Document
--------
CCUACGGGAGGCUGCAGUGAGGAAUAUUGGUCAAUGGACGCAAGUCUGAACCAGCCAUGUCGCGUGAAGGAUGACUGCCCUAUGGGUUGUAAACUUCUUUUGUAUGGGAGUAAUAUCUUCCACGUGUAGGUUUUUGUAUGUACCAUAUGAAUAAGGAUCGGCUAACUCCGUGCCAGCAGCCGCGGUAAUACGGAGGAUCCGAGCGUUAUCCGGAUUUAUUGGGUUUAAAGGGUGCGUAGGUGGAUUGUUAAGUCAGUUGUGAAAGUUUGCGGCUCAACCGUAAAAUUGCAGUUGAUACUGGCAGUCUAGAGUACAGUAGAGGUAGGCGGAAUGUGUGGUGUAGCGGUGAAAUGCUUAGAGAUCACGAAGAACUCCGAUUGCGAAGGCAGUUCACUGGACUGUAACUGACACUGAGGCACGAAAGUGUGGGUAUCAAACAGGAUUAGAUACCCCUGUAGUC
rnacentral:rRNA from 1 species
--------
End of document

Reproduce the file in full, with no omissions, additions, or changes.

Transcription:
CCUACGGGAGGCUGCAGUGAGGAAUAUUGGUCAAUGGACGCAAGUCUGAACCAGCCAUGUCGCGUGAAGGAUGACUGCCCUAUGGGUUGUAAACUUCUUUUGUAUGGGAGUAAUAUCUUCCACGUGUAGGUUUUUGUAUGUACCAUAUGAAUAAGGAUCGGCUAACUCCGUGCCAGCAGCCGCGGUAAUACGGAGGAUCCGAGCGUUAUCCGGAUUUAUUGGGUUUAAAGGGUGCGUAGGUGGAUUGUUAAGUCAGUUGUGAAAGUUUGCGGCUCAACCGUAAAAUUGCAGUUGAUACUGGCAGUCUAGAGUACAGUAGAGGUAGGCGGAAUGUGUGGUGUAGCGGUGAAAUGCUUAGAGAUCACGAAGAACUCCGAUUGCGAAGGCAGUUCACUGGACUGUAACUGACACUGAGGCACGAAAGUGUGGGUAUCAAACAGGAUUAGAUACCCCUGUAGUC
rnacentral:rRNA from 1 species